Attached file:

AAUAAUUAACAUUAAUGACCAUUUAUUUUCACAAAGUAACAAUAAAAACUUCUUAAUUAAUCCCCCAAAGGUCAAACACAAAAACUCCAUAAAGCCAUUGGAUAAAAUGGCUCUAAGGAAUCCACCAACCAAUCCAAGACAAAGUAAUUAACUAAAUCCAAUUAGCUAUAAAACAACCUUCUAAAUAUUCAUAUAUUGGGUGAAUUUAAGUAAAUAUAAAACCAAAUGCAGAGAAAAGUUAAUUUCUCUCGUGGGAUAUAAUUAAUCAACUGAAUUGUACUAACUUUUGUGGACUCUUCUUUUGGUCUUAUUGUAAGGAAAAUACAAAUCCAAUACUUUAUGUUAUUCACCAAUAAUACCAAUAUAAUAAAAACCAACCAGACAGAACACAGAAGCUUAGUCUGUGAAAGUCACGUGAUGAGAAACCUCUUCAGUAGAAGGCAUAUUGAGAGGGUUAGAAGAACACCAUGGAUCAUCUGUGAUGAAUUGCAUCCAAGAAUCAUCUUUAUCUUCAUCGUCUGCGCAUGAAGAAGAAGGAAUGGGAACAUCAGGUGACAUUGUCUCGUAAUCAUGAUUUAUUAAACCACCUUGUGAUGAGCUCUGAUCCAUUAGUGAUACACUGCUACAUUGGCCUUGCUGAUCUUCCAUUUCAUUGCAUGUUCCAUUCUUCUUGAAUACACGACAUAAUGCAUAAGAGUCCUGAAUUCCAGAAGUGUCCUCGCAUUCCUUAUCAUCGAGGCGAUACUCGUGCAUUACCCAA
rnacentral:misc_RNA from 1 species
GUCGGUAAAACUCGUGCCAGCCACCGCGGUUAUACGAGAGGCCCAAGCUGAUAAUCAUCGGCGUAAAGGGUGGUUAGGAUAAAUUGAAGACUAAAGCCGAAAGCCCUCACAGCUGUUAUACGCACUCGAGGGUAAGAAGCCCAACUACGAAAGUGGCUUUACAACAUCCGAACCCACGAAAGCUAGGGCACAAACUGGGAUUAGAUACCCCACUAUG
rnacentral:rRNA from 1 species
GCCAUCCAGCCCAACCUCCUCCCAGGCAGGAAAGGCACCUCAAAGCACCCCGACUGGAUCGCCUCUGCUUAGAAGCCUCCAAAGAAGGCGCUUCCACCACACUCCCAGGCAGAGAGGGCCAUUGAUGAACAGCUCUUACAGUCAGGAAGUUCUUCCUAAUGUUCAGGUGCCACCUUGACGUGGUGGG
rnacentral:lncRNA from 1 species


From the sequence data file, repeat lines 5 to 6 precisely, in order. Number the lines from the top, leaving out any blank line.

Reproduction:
GCCAUCCAGCCCAACCUCCUCCCAGGCAGGAAAGGCACCUCAAAGCACCCCGACUGGAUCGCCUCUGCUUAGAAGCCUCCAAAGAAGGCGCUUCCACCACACUCCCAGGCAGAGAGGGCCAUUGAUGAACAGCUCUUACAGUCAGGAAGUUCUUCCUAAUGUUCAGGUGCCACCUUGACGUGGUGGG
rnacentral:lncRNA from 1 species